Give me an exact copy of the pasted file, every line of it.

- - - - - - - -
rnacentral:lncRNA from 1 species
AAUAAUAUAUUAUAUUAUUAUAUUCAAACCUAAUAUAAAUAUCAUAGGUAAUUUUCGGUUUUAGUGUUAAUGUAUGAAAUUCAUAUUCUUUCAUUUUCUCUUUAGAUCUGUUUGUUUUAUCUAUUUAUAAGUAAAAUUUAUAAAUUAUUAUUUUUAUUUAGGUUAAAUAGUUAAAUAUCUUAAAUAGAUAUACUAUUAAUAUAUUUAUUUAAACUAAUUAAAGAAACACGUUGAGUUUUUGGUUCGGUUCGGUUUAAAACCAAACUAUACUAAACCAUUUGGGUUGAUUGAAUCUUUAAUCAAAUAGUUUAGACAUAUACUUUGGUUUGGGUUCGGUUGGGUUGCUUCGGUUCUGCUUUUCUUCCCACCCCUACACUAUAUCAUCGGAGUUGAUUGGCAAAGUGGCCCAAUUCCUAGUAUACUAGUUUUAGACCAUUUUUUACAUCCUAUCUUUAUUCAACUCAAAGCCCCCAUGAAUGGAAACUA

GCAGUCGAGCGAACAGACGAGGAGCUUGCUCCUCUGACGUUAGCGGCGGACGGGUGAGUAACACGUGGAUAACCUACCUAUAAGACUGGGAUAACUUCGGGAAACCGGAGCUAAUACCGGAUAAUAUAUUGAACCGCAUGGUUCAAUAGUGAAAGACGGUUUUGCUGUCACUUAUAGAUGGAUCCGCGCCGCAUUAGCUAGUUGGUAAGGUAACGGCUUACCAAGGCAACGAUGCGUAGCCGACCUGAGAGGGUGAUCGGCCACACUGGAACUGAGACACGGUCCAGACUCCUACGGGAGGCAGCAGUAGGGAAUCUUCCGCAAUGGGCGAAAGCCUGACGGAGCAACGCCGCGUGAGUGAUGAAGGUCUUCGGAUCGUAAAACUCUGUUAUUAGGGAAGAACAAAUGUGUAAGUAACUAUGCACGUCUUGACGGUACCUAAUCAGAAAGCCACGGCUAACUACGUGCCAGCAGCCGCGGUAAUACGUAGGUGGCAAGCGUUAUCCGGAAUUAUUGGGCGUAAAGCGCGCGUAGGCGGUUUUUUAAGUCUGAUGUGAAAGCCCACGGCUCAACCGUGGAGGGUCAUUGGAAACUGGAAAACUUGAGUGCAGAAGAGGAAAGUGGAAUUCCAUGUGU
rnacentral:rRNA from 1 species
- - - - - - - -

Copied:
rnacentral:lncRNA from 1 species
AAUAAUAUAUUAUAUUAUUAUAUUCAAACCUAAUAUAAAUAUCAUAGGUAAUUUUCGGUUUUAGUGUUAAUGUAUGAAAUUCAUAUUCUUUCAUUUUCUCUUUAGAUCUGUUUGUUUUAUCUAUUUAUAAGUAAAAUUUAUAAAUUAUUAUUUUUAUUUAGGUUAAAUAGUUAAAUAUCUUAAAUAGAUAUACUAUUAAUAUAUUUAUUUAAACUAAUUAAAGAAACACGUUGAGUUUUUGGUUCGGUUCGGUUUAAAACCAAACUAUACUAAACCAUUUGGGUUGAUUGAAUCUUUAAUCAAAUAGUUUAGACAUAUACUUUGGUUUGGGUUCGGUUGGGUUGCUUCGGUUCUGCUUUUCUUCCCACCCCUACACUAUAUCAUCGGAGUUGAUUGGCAAAGUGGCCCAAUUCCUAGUAUACUAGUUUUAGACCAUUUUUUACAUCCUAUCUUUAUUCAACUCAAAGCCCCCAUGAAUGGAAACUA

GCAGUCGAGCGAACAGACGAGGAGCUUGCUCCUCUGACGUUAGCGGCGGACGGGUGAGUAACACGUGGAUAACCUACCUAUAAGACUGGGAUAACUUCGGGAAACCGGAGCUAAUACCGGAUAAUAUAUUGAACCGCAUGGUUCAAUAGUGAAAGACGGUUUUGCUGUCACUUAUAGAUGGAUCCGCGCCGCAUUAGCUAGUUGGUAAGGUAACGGCUUACCAAGGCAACGAUGCGUAGCCGACCUGAGAGGGUGAUCGGCCACACUGGAACUGAGACACGGUCCAGACUCCUACGGGAGGCAGCAGUAGGGAAUCUUCCGCAAUGGGCGAAAGCCUGACGGAGCAACGCCGCGUGAGUGAUGAAGGUCUUCGGAUCGUAAAACUCUGUUAUUAGGGAAGAACAAAUGUGUAAGUAACUAUGCACGUCUUGACGGUACCUAAUCAGAAAGCCACGGCUAACUACGUGCCAGCAGCCGCGGUAAUACGUAGGUGGCAAGCGUUAUCCGGAAUUAUUGGGCGUAAAGCGCGCGUAGGCGGUUUUUUAAGUCUGAUGUGAAAGCCCACGGCUCAACCGUGGAGGGUCAUUGGAAACUGGAAAACUUGAGUGCAGAAGAGGAAAGUGGAAUUCCAUGUGU
rnacentral:rRNA from 1 species